According to HR studies, the leading causes of job-related stress and high turnover include a few issues
that are no surprise: Poor treatment, low pay, and unsafe or intolerable working conditions. But another
item at the top of the list might not seem so obvious: a miserable commute. Commuting difficulties can
turn an otherwise fantastic job into a grueling experience, and a grueling job into an unsustainable
situation. If you've ever had a commute that made you contemplate quitting your job almost every day,
you're not alone. Here are a few ways to make a long, expensive, or unpleasant journey to work a little
Consider a remote arrangement and apply pressure.
As with any other working condition that you might like to change (including salary and status), sitting at
your desk and waiting for your boss to make it happen isn't very practical. If you're traveling back and
forth in stop and go traffic for hours every day, there's a strong chance your boss doesn't know this
(even if you've mentioned it) and there's a stronger chance that she really isn't concerned about it. She
trusts that you're an adult and you'll find a way to get your job done each day. So if you want something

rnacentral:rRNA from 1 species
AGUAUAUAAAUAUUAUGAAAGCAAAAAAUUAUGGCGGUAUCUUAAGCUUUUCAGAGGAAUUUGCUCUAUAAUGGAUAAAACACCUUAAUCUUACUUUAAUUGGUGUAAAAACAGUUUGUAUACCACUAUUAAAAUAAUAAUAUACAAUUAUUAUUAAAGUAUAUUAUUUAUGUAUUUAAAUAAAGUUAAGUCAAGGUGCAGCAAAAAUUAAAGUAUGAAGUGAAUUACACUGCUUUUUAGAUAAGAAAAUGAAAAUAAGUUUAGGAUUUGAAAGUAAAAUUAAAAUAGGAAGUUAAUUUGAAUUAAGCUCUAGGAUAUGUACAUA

to change, you'll need to approach her directly, lay out the details of your plan, and ask for what you
want. If you'd like to work from home once a week, or twice a week, or even every day, just say so.
Figure out how to make this happen and pitch your proposal.
Ask for a transfer.
Does your company have another facility that may be easier for you to reach? Again, you'll need to
conduct some research and determine exactly what you'd like to do and how you can make this happen.
But once you know what you want, just schedule an appointment with your boss and make your
Find another method.
If you travel to work by car, you may have combed the entire metropolitan area searching for the best
possible routes at various times of day. But have you considered traveling by bus, train, or carpool? An
alternative form of conveyance can ease the burden of time, cost, or both.
Request an altered schedule.
Find out if you can come into work and leave an hour earlier than nine or an hour later than five. Maybe
you can work a few hours on Saturday in exchange for leaving early on Friday to beat the rush hour
traffic. You won't know what's possible until you try.
Build efficiency into the day.
Consider a few simple moves that can help you get more out of the time you spend commuting and
reduce the exhaustion and frustration you feel as you reach your destination. Listen to audiobooks. If
you commute by train, read. Catch up on personal email and non-work related responsibilities (don't
work for your employer if you aren't being paid for this time). And structure your morning so you don't
feel harried and constantly late as you navigate through freeway traffic.
If you've tried these methods and they've added nothing to the peace of mind, productivity and
satisfaction you feel at the end of the day, it may be time to start looking for another job. Visit
MyPerfectResume and start exploring the career development resources on the site today.